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Elections Board completes canvass

Henderson County Elections Board Chair Charlie Medd places a ballot on a stack after checking it. Henderson County Elections Board Chair Charlie Medd places a ballot on a stack after checking it.

The Henderson County Board of Elections completed the canvassing of the Nov. 3 election Friday, reporting a voter turnout of 78.4 percent, more than 60 percent of it in early voting.

The final totals showed that 68,653 voters cast ballots of the total registration of 87,557. Because 65.5 percent of the turnout happened before Election Day — either at early one-stop polling places or by absentee ballot — traffic at the polls on Nov. 3 was much lighter than usual for a high turnout election. During the canvass, the board added 469 ballots — 408 mailed in and 61 provisional — to the unofficial total as of Election Day. 

When the state Board of Elections voted to extend the deadline to receive ballots to Nov. 12, the Republican leadership of the General Assembly and the Trump campaign sued. The U.S. Supreme Court refused to take up the question, leaving the Nov. 12 deadline in place.

In Hendersonville on Thursday night, Republican Elections Board member Linda Rebuck failed in her effort to force the board to segregate ballots received before Nov. 6 from those received after that date. Elections Board member Debbie Dante checks a ballot.Elections Board member Debbie Dante checks a ballot.Elections Board Director Karen Hebb said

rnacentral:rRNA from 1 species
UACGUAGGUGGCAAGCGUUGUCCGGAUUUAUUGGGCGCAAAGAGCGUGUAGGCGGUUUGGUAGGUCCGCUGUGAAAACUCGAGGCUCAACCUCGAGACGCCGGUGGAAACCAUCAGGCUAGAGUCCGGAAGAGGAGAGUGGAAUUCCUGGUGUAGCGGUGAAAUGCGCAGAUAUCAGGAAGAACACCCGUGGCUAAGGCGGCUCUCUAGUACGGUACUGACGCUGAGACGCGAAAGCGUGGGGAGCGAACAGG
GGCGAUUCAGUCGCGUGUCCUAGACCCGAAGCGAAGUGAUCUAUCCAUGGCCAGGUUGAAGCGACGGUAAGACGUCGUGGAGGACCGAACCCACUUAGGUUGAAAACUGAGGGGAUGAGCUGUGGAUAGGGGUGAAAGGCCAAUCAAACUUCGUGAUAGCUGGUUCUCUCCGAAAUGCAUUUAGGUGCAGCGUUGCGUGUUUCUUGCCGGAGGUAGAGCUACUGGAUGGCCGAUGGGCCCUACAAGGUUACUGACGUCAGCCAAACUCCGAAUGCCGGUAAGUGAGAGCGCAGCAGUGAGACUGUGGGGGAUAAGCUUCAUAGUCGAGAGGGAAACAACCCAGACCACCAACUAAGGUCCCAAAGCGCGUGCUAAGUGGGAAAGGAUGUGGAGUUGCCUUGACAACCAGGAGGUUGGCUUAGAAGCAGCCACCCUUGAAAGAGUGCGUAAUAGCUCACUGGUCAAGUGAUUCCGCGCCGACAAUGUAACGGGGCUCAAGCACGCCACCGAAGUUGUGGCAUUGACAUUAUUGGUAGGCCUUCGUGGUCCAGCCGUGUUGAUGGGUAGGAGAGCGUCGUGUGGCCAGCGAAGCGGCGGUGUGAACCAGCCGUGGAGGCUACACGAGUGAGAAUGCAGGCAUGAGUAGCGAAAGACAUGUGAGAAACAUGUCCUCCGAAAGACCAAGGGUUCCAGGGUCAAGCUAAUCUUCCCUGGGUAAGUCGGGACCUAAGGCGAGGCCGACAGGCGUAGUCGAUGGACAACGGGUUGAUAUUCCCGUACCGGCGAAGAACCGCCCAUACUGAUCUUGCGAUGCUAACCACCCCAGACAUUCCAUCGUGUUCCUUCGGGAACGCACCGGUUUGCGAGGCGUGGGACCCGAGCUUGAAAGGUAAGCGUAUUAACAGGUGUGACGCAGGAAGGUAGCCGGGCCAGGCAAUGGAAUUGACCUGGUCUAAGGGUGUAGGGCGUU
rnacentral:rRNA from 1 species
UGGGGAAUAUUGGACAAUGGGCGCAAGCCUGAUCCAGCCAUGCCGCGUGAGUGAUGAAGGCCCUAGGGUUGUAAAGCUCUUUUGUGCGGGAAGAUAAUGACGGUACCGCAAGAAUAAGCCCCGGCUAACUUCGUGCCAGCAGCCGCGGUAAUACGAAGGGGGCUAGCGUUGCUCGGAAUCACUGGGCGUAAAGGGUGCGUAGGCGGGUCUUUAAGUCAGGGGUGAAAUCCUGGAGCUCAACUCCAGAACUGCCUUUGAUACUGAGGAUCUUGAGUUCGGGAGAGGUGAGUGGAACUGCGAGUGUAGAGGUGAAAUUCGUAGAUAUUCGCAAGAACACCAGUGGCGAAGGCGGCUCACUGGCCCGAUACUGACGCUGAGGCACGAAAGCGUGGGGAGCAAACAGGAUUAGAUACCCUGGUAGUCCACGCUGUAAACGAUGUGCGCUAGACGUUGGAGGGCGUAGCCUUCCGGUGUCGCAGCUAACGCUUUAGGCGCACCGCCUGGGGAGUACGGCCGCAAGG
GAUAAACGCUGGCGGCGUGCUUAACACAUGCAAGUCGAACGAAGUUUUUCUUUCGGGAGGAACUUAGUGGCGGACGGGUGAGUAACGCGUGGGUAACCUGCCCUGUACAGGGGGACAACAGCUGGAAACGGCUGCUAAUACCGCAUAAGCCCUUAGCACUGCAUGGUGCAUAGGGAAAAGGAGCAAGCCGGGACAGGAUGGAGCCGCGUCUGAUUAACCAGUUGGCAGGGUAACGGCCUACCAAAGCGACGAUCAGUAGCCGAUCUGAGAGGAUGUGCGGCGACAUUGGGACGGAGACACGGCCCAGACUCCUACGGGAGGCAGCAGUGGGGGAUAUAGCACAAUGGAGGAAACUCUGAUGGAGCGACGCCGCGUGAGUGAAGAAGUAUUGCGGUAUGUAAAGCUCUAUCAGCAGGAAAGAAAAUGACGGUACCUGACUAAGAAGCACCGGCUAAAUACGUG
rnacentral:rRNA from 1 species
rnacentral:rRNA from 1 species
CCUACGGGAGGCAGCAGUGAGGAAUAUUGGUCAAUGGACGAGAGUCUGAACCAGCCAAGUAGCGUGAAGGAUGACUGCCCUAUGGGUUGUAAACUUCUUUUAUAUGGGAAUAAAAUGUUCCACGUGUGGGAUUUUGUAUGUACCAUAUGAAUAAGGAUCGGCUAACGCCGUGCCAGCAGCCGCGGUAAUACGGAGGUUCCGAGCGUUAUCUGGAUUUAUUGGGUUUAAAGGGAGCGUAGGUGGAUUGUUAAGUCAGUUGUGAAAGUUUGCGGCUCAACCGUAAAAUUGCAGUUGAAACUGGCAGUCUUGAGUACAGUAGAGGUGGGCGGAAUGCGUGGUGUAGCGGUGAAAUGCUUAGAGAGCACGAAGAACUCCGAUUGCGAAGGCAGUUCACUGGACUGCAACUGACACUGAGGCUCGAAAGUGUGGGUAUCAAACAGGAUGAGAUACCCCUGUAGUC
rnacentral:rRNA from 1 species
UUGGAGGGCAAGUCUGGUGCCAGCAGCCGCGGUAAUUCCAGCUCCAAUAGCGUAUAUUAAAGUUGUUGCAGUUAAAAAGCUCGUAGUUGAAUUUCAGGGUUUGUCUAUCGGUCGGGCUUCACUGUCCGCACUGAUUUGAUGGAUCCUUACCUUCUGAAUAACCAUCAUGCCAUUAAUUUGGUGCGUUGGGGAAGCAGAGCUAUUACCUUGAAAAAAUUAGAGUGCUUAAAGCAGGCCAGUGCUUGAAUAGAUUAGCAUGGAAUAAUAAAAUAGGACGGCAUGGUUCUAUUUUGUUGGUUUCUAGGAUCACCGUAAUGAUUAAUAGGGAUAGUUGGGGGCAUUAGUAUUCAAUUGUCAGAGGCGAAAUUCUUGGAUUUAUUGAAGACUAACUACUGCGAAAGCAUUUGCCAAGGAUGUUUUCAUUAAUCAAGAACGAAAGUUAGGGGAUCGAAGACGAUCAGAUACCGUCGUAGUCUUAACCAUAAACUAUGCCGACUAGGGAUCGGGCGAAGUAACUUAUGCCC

elections workers had not separated the ballots by date at all because it had been given no instructions to do so. After a short discussion, Rebuck's motion failed, 3-2, with the Democratic majority prevailing.

Board members checked 375 absentee ballots sent by mail one by one, checked 11 "cured" ballots — those where the voter was allowed to correct a deficiency that elections workers had flagged — nine military ballots and 12 civilian overseas ballots. The Elections Board had two more cured ballots to review on Friday.

Eleven members of the public watched, including activists from the Republican and Democratic parties, the League of Women Voters and Democracy NC.

Henderson County voters set a record with a turnout of 79 percent, Hebb said Friday morning, with 68,653 ballots cast. The breakdown: 41,700 in-person early voting, 15,147 absentee votes by mail, 11,337 ballots cast on Election Day and 61 provisional votes (out of 200 provisional votes submitted).

"It's been an easy election as far as problems," Hebb said. "It's just been so many people voting." Elections workers fixed some tabulating problems early on. Other than that, the Elections Board encountered "nothing major at all."

Statewide, the turnout was 75.3 percent. On Friday night, in by far the closest race in the state, N.C. Supreme Court Chief Justice Cheri Beasley led challenger Paul Newby by 35 votes — 1,294,809 to 1,294,774. The outcome was uncertain, however, because 1,472 provisional ballots from Robeson County had not been added to the total as of 12:30 a.m. Saturday morning, Carolina Public Press reported.